“Tango Buenos Aires” Saturday, Nov 11, 2017
“Festival of South African Dance” Sunday, Nov 12, 2017
Cal Performances Zellerbach Hall, UC Berkeley
Two Dimensions on “World Dance”
It’s a wonder that the human body responds with so much variety and complexity to rhythm, costuming, environment and social conditions. All of this and more was brought to viewing in Cal Performance’s World Dance this past weekend. The “Festival of South African Dance” succeeded: the “Tango Buenos Aires,” though ‘sensational’ in its way, failed. In both cases, the adaptation to the contemporary stage brought problems.
Sound amplification is very useful and appropriate when needed, but acoustics in Zellerbach Hall are good. Think of all the splendid music concerts, un-miked, that are played there. No matter what the choice of performers might be, sound engineers might test the sound in the house.
“Tango Buenos Aires” beside deteriorating into a set of ‘night-club’ acts, had the misfortune of blasting its music during all numbers. In addition, the piano, bandoneon(s), violin and bass seemed not to be in balance. The dancing, enthusiastically performed, consisted of repetitive patterns for couples, (tango steps, dips, backward falls, leg extensions) and pseudo tap steps for solo men. There was also a phony soccer game, Broadway divertissements and other entertainments. The heart of tango was missing.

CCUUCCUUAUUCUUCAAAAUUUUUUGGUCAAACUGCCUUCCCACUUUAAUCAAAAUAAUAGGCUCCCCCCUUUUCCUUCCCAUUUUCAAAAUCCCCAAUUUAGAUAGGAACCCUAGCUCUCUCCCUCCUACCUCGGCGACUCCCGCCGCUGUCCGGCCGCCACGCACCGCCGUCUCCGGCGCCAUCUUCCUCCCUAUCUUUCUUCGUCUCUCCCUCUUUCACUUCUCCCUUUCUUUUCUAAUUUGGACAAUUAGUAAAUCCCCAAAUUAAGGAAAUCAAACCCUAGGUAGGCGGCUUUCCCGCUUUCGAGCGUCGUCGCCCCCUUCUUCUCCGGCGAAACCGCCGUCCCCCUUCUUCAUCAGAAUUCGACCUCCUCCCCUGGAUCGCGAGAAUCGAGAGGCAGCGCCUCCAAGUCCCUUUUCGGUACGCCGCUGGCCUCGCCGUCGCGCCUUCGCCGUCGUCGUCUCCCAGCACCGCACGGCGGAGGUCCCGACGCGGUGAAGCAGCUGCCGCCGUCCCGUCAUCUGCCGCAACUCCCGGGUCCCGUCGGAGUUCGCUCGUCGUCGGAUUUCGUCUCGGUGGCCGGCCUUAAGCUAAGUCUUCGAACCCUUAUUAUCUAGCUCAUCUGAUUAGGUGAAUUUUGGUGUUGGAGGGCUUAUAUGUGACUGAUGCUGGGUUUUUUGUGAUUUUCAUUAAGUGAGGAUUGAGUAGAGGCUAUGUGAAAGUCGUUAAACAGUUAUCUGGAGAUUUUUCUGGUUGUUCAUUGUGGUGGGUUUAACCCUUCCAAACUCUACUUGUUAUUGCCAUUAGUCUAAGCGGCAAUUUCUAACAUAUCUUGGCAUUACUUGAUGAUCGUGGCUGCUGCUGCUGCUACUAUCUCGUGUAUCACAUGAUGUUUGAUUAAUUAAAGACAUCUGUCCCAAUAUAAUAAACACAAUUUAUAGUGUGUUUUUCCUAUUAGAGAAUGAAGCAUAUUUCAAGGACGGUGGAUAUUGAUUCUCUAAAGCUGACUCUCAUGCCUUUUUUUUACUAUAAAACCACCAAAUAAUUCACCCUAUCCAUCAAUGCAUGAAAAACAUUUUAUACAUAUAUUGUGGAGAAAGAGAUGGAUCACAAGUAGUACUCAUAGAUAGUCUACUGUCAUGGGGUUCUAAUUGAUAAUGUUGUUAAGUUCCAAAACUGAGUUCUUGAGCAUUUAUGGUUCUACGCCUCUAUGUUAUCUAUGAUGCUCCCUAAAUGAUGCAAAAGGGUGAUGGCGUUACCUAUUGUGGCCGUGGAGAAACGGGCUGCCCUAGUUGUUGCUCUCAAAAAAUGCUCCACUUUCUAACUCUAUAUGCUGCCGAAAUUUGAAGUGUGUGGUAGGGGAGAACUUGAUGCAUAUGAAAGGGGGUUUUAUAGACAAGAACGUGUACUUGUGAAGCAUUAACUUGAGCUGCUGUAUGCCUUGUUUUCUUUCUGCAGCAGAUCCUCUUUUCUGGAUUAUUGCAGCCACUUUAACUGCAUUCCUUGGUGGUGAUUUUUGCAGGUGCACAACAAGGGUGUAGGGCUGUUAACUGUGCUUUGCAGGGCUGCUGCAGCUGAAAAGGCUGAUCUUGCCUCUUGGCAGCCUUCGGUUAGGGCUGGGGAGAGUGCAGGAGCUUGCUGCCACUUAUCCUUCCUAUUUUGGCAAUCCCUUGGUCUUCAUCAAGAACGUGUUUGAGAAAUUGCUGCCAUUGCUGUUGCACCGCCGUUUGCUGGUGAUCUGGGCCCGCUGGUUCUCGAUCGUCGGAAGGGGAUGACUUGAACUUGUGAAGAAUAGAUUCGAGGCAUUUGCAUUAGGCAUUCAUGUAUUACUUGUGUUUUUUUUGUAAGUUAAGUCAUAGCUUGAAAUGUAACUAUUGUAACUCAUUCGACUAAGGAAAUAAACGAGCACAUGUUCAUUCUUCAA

Very different in intention and performance was the Festival of South African Dance. Although fully staged for contemporary audiences, the program made vivid both the stories and the ‘moves’ of these South Africans. The ‘Gumboots Dance Company’ consists of four young dancers who wear gumboots to work in the damp gold mines. Their tasks are hard, the fatigue endless, but the dancing is fast, furious and delightful. The choreography consists of intricate footwork accompanied by clapping and slapping on the body, as well as general locomotion, acrobatics, falls and tumbles, almost always facing downstage. They were accompanied by good singing, lead vocalist Siyabonga Hilatswayo and fine drumming. The many scenes of “The Gumboot” Musical tells their story: the work, the pay, the family, the return home … even the celebration of drinking beer.
The Real Actions Pantsula Dance Company took over after intermission. These five, including choreographer Sibusiso Mthembu, are taller and their dance depicts a more urban scene. They mime daily life in Johannesburg and the show the hustles of a car wash, a social club, hunting memories, and their individual styles. Theirs is a continual series of dance inventions, social interactions and skill display. For this viewer, my only longing was for more rhythmic variation in the drums (one tempo prevailed) and more variation in the “down front” focus that the dancers took in line.
All dancers joined together for long, but delightful finale. Praises for the Festival of South African Dance. The dancers, musicians and all participants brought us something to learn, to enjoy and to praise.
Joanna G. Harris